Tracking Small Business Accounting Health in QuickBooks

Tracking Small Business Accounting Health in QuickBooks

Here are some suggestions that might help you get to those vitals quickly using QuickBooks®.

As a business owner, you want to see key information often and easily. My favorite is still the Company Snapshot. Most of the vitals we discussed in the other report can be found in this one screen. You can see your Account Balances, Payables, Receivables, Income & Expense Trends, Top Customers, Top Products/Services (Items), Reminders, pie charts for breakdown of income or expenses and more. If you hold your mouse over the graph, you’ll see the actual dollar amount. There are a total of 12 different charts/graphs/lists you can put in the snapshot. Not only do you get to choose which ones you see, but you can arrange them any way you want by dragging the boxes. You can also choose date ranges for your sales reports from the drop-down menu (custom is not an option).


The Company Snapshot may be on your toolbar (mine is) or you can click on Company>Company Snapshot.

1. To pick what you will see in your snapshot, click on Add Content.

  • While you can choose from 12 different charts, you will see only 4 at a time. The plus by Add means you can add it, and the check by Added means it’s already in your snapshot.

2. Once you’ve selected your content, you can place your mouse pointer on the title bar and move them around.

3. Place your mouse pointer on a bar in a chart to see the actual dollar amount.

4. Payables and receivables that are past due show up in red, so you can quickly differentiate. (This company hasn’t done a good job on collections!)

5. While you’re in the Company Snapshot, you can click over to Customers and check out different customers – see how long they’ve been a customer, how quickly/slowly they pay, the best selling products/services.

Another way to help you monitor your receivables is to look at Average Days of Pay, found in the Customer & Receivables reports in QuickBooks. The Summary report shows how long on average your customer pays you AND the overall average days of pay among all your customers. This lets you see who’s really slow (maybe you want to drop them or charge differently) and if you need to be more proactive in your collections.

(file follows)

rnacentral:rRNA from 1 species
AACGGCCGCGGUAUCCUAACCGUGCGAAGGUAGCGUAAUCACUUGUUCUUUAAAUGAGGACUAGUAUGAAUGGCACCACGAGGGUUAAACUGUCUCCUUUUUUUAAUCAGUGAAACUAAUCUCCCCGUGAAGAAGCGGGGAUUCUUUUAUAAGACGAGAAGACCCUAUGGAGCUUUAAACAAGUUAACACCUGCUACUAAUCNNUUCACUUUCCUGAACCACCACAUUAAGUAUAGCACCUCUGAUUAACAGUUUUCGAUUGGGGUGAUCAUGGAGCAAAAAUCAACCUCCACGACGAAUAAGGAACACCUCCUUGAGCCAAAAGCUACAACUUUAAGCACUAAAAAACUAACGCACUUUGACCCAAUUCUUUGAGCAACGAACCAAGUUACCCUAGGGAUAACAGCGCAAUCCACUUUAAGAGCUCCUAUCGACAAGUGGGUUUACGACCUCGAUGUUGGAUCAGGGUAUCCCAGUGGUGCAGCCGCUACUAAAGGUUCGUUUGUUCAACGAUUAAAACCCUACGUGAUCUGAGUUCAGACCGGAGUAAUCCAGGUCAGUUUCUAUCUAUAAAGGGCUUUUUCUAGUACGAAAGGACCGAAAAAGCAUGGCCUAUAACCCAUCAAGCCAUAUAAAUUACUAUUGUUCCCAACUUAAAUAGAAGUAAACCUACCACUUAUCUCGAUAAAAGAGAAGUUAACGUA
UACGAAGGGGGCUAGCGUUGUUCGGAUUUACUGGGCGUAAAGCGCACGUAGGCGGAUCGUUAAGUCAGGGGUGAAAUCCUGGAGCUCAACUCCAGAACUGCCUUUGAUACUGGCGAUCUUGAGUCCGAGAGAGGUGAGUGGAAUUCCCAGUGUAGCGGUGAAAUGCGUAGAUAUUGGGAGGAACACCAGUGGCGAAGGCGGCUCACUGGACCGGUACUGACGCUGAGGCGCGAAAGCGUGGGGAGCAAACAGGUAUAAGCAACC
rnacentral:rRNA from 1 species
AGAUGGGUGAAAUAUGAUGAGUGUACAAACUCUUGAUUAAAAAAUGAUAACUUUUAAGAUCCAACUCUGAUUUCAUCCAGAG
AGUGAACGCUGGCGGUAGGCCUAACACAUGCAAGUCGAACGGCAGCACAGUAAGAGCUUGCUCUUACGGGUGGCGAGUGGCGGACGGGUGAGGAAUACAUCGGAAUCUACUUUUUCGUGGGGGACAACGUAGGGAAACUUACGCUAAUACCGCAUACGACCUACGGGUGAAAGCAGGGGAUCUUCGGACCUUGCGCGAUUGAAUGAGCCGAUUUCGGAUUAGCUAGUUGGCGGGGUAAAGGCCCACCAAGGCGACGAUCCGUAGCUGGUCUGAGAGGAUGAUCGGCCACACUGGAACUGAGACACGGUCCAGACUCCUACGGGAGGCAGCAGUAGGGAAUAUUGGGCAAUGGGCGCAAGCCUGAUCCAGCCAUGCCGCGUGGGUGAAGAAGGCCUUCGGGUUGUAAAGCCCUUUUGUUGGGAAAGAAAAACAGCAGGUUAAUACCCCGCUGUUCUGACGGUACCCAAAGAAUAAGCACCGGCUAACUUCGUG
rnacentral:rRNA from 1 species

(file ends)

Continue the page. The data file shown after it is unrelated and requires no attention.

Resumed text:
For other reports you want to see often, there are two methods I like.

1. Put the report you want to see right on your toolbar, so it’s just a click away

  • Memorize the report, then click on View>Add “Name of your report.”

2. Run a group of reports all at once. I do this monthly and quarterly; you may also want reports for monitoring inventory or monitoring jobs and reviewing completed jobs.

  • Create a group:
    • Report>Memorized Reports>Memorize Report List
    • Down at the bottom of the list, click on Memorized Report>New Group and name your group
  • When you memorize your report, select Save in Memorized Report Group and select your group

  • Then you can run your group of reports by simply clicking on Reports>Memorized Reports and select your group.  All the reports will run – sooo much faster than you will ever be!

While QuickBooks does not have exception reporting per se, there are a few ways you can get some exception reporting.

  • If the exception can be expressed by percent (i.e if you go over or under by a certain percentage), then in many of the QuickBooks reports, you can opt to have a percentage column show, so you can quickly see if there are any exception percentages. In some reports, you can even sort by the percentage.

  • Depending on the exception, you may want your bookkeeper to review some reports and alert you when there is an exception.  That doesn’t eliminate your responsibility for all reporting, but can assist with some of your workload.
  • If you use Enterprise, you can take advantage of the Q-ODBC for some custom reporting.
  • You may find that some third party reporting and dashboard software can provide some of these metrics for you.

Whatever you choose, the idea is to know what you want to monitor and develop a system so you can easily and routinely monitor what you deem important.